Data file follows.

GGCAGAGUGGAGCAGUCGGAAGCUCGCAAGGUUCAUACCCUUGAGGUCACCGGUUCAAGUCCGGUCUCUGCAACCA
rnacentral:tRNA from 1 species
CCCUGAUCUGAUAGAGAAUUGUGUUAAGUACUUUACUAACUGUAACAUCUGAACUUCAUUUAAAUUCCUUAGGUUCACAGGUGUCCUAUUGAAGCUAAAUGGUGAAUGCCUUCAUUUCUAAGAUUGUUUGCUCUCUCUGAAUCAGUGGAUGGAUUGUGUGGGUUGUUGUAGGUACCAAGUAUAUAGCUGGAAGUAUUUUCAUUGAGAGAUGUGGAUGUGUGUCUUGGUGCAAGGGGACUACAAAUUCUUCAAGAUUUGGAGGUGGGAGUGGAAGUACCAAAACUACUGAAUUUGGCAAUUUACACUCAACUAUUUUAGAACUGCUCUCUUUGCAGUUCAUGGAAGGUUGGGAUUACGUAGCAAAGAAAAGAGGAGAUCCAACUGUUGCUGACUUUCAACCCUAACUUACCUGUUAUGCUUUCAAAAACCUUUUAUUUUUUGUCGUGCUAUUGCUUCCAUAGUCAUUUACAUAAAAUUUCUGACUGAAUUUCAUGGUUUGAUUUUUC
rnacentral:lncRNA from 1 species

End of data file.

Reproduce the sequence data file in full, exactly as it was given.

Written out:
GGCAGAGUGGAGCAGUCGGAAGCUCGCAAGGUUCAUACCCUUGAGGUCACCGGUUCAAGUCCGGUCUCUGCAACCA
rnacentral:tRNA from 1 species
CCCUGAUCUGAUAGAGAAUUGUGUUAAGUACUUUACUAACUGUAACAUCUGAACUUCAUUUAAAUUCCUUAGGUUCACAGGUGUCCUAUUGAAGCUAAAUGGUGAAUGCCUUCAUUUCUAAGAUUGUUUGCUCUCUCUGAAUCAGUGGAUGGAUUGUGUGGGUUGUUGUAGGUACCAAGUAUAUAGCUGGAAGUAUUUUCAUUGAGAGAUGUGGAUGUGUGUCUUGGUGCAAGGGGACUACAAAUUCUUCAAGAUUUGGAGGUGGGAGUGGAAGUACCAAAACUACUGAAUUUGGCAAUUUACACUCAACUAUUUUAGAACUGCUCUCUUUGCAGUUCAUGGAAGGUUGGGAUUACGUAGCAAAGAAAAGAGGAGAUCCAACUGUUGCUGACUUUCAACCCUAACUUACCUGUUAUGCUUUCAAAAACCUUUUAUUUUUUGUCGUGCUAUUGCUUCCAUAGUCAUUUACAUAAAAUUUCUGACUGAAUUUCAUGGUUUGAUUUUUC
rnacentral:lncRNA from 1 species